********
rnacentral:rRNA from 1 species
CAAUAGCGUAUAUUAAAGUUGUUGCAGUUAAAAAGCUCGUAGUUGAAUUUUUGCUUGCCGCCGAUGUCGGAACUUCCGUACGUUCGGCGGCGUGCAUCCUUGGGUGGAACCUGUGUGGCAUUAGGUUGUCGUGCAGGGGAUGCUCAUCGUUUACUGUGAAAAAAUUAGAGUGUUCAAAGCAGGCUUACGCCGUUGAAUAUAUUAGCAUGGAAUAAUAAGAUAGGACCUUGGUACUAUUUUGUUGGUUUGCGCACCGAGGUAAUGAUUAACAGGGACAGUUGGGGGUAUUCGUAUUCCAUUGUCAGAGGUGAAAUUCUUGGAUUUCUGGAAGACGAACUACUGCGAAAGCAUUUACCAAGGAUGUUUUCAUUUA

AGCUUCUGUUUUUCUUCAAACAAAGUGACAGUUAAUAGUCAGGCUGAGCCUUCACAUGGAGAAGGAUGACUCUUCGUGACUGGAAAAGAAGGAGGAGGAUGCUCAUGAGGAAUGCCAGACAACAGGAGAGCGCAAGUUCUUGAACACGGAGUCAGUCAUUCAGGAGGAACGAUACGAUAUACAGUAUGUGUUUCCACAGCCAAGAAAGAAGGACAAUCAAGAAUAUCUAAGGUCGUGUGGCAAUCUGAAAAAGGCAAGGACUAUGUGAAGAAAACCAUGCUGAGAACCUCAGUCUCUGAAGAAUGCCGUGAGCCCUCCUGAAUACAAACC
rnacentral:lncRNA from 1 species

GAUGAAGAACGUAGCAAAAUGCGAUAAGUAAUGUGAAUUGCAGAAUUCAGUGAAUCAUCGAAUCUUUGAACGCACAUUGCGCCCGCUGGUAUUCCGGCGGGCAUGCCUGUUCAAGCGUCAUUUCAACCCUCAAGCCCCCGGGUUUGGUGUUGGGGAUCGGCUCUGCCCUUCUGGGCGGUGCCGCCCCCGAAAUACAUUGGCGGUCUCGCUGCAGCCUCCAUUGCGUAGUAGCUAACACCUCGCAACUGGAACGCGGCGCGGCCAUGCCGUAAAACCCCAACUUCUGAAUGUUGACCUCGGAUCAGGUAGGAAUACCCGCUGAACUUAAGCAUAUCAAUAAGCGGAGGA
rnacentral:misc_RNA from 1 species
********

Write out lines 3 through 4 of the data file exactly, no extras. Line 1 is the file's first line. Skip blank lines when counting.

AGCUUCUGUUUUUCUUCAAACAAAGUGACAGUUAAUAGUCAGGCUGAGCCUUCACAUGGAGAAGGAUGACUCUUCGUGACUGGAAAAGAAGGAGGAGGAUGCUCAUGAGGAAUGCCAGACAACAGGAGAGCGCAAGUUCUUGAACACGGAGUCAGUCAUUCAGGAGGAACGAUACGAUAUACAGUAUGUGUUUCCACAGCCAAGAAAGAAGGACAAUCAAGAAUAUCUAAGGUCGUGUGGCAAUCUGAAAAAGGCAAGGACUAUGUGAAGAAAACCAUGCUGAGAACCUCAGUCUCUGAAGAAUGCCGUGAGCCCUCCUGAAUACAAACC
rnacentral:lncRNA from 1 species